A decision by a US government agency may have forced Mondex's electronic cash system into a low-value model whether the company likes it or not.
The Federal Deposit Insurance Corporation has ruled that e-cash not tied to a deposit account will not be insurable - putting Mondex in the category of such alternative forms of money as phone cards, transport passes and travellers' cheques.
Meanwhile, Mondex International's security chief has vowed to Computerworld that the company has the ability, systems and strategy to stay ahead of counterfeiters in the "arms race" of smartcard fraud.
While the FDIC decision does not necessarily present an obstacle to the deployment of the Mondex system in the US, it makes Mondex's proposals for its use in high-value exchanges of funds - such as house purchasing or large exchanges of cash between businesses - appear unlikely, at least within the next few years.
The FDIC, which insures deposits against the risk of banks failing to meet their obligations, has no equivalent in this country, but Reserve Bank spokesman Peter Ledingham says he was informed of the ruling during a recent visit to the US.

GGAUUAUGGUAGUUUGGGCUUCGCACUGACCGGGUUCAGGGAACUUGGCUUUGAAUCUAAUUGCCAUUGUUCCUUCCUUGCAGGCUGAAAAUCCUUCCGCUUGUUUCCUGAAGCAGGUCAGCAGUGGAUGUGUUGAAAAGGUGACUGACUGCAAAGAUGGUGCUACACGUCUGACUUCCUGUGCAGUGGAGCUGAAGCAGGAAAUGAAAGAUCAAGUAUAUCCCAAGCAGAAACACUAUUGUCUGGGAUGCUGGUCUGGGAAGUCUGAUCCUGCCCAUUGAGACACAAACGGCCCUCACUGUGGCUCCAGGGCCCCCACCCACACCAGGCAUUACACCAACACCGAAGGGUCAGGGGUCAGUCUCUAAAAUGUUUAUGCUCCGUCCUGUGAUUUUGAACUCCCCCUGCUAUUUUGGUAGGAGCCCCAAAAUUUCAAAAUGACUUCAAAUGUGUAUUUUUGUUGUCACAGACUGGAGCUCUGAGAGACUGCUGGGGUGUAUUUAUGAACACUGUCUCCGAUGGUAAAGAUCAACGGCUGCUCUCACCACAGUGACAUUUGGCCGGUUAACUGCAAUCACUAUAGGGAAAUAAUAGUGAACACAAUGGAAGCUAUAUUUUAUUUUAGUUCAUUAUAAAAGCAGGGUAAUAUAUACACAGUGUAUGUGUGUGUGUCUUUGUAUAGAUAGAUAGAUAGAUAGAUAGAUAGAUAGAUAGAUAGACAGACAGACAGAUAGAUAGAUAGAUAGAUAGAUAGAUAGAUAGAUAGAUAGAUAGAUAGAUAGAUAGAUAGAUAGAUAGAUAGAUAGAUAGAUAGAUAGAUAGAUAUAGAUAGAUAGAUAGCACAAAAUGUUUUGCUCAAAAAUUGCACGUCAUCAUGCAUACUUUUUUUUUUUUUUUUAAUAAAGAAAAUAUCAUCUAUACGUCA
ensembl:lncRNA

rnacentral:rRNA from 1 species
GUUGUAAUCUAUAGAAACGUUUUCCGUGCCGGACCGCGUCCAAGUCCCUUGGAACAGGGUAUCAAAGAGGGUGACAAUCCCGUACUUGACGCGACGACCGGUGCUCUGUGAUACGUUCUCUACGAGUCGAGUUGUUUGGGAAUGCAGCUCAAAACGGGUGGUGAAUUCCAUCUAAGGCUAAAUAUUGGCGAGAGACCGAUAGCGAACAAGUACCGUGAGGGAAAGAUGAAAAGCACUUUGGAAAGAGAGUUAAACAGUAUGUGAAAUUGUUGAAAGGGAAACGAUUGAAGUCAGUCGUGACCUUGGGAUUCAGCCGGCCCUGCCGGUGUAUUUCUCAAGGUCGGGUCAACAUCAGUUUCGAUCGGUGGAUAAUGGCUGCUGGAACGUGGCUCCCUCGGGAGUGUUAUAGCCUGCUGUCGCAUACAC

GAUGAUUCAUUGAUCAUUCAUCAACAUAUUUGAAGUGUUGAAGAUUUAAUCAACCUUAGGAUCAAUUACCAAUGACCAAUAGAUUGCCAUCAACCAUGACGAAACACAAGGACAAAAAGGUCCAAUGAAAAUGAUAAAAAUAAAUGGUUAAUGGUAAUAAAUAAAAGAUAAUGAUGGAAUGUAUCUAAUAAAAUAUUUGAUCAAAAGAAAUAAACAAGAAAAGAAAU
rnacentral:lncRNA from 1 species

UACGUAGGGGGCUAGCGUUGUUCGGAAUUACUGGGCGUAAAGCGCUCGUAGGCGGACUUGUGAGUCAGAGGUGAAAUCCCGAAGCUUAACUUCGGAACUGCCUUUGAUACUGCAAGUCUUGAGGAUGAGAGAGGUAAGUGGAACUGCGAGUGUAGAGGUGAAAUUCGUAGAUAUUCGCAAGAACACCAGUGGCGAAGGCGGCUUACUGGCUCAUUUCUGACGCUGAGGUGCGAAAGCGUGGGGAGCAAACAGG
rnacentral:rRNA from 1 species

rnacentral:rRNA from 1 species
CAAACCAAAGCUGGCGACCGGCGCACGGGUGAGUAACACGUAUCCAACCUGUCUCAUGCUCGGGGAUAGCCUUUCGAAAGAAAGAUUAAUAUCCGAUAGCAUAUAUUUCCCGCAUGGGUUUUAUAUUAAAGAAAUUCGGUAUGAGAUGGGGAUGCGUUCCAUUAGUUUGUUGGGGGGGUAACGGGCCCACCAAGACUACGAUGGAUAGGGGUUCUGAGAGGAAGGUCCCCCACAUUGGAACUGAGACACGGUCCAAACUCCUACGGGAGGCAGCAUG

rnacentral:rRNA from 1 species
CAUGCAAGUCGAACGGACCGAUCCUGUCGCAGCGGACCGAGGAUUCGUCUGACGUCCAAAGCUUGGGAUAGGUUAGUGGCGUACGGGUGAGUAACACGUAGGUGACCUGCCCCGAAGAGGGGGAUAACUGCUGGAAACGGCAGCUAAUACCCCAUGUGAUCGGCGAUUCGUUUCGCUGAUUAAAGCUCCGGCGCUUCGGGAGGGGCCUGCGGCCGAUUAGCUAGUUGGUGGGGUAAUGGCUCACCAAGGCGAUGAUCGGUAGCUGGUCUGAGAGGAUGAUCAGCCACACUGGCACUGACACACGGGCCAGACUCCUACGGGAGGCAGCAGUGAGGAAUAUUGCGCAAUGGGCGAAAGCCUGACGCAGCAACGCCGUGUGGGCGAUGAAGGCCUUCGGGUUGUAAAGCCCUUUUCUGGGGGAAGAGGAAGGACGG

"The US does have quite an issue about extending the safety net as it applies to bank deposits into a whole raft of other areas, of which e-cash is only one. But they have set out some rules about what is going to be insured and what isn't. The guts of it is that if there's a clear linkage through to a deposit account, it will be insured, if there isn't, it won't be.
"So effectively they were just taking whatever their definition of a deposit was and trying to make it operational within an electronic context. And they reached a fairly obvious kind of answer; that if it is tied back to a bank account it's like a debit card and it's an insured deposit. But if it's something at a greater distance, it's not treated as an insured deposit of a bank."
Ledingham says the uninsured status of forms of "money" such as phone and travel cards is "not an issue is that most people have very small balances tied up with those things. So if Telecom or your local bus company went under, you're only out of pocket a few bucks, so nobody cares too much.
"The issue only becomes important, I think, where high values start to be used on these systems, and while it remains to be seen how high Mondex will go, my impression is that most of the promoters are going to start fairly small, with limits on cards and so on. The situation with Internet operations is less clear but I don't expect there'll be much in the way of high-value movements on those systems for a while, until people really learn to trust them. You're not going to buy a house on the Internet tomorrow."
Meanwhile Mondex International's head of security, John Beric, has outlined to Computerworld the company's security strategy, both in terms of forward planning and response to an attack on the system.